Townsend Communication in Agriculture Competition
Professionals in science and agriculture must be able to write and present effectively about their disciplines with non-experts and members of the public. Why not sharpen your communication skills and perhaps win a handsome cash prize by participating in the Townsend Communication in Agriculture Competition?
A gift from the Townsend family allows the College of Agriculture to recognize up to six undergraduate students for the 2022-23 academic year. Four recipients will be recognized as Townsend Outstanding Communicators and receive a $1,000 award. Two top recipients will be recognized with Townsend Awards of Excellence and receive a $1,500 award. (Award amounts are minus any outstanding Purdue University tuition or fees.) All winners will be featured on our Townsend Communication in Agriculture webpage.This competition is meant to be educational and fun. It's a way for you to enter your creative work in a competition that values and rewards professional communication about food, agriculture, and the environment.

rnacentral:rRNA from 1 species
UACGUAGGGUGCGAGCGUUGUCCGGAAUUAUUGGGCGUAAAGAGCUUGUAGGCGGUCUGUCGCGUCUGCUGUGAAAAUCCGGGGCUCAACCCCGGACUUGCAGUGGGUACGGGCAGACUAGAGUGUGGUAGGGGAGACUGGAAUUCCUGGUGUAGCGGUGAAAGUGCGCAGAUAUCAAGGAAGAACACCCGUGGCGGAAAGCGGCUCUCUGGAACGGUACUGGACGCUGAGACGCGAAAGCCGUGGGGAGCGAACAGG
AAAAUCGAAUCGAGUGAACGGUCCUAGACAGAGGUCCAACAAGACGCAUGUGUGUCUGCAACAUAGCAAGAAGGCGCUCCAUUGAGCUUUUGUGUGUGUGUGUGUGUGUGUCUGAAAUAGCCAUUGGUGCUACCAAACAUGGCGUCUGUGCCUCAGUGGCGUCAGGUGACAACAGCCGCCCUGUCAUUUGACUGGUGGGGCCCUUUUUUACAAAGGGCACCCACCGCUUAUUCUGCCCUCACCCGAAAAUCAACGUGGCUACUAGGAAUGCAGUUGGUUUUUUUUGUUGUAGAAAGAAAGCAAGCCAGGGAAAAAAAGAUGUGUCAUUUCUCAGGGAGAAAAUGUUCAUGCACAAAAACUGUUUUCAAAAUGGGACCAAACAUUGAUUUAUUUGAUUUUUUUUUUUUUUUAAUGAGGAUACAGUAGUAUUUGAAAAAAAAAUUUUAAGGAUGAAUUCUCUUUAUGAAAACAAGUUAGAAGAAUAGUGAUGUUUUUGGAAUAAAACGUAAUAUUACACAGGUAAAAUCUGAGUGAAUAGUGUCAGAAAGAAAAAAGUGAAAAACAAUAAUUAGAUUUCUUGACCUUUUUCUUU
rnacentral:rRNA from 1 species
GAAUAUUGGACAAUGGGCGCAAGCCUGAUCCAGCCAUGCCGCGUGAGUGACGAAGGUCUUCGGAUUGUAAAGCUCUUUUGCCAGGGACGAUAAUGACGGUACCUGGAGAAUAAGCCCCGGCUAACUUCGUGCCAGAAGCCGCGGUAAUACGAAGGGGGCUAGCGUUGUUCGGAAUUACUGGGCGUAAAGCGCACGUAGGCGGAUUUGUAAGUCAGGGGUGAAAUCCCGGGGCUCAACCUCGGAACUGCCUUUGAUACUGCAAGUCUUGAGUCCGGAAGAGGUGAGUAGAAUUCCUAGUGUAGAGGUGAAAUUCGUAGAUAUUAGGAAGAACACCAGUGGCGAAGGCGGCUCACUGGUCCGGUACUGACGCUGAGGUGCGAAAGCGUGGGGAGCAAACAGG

To be eligible for the competition, you must have been a full-time undergraduate student in good standing in the College of Agriculture during the past academic year (either in residence or fully online). You also must be pre-registered as a full-time student in the College of Agriculture for fall 2023.
You may submit a writing or presentational speaking entry created in the past academic year (since June 1, 2022). Your entry may be a written piece, or a recorded multimedia presentation developed for a class or internship. You also may develop an entry specifically for this competition. Please note that entries must conform to the instructions and rules listed below.
It's easy! Save this Entry Form (PDF) to your computer. Complete the form, and email it along with your writing entry or a link to your presentational speaking entry to email@example.com. You will receive confirmation when we receive your materials.
All entries must be submitted by 11:59 p.m. Friday April 28, 2023.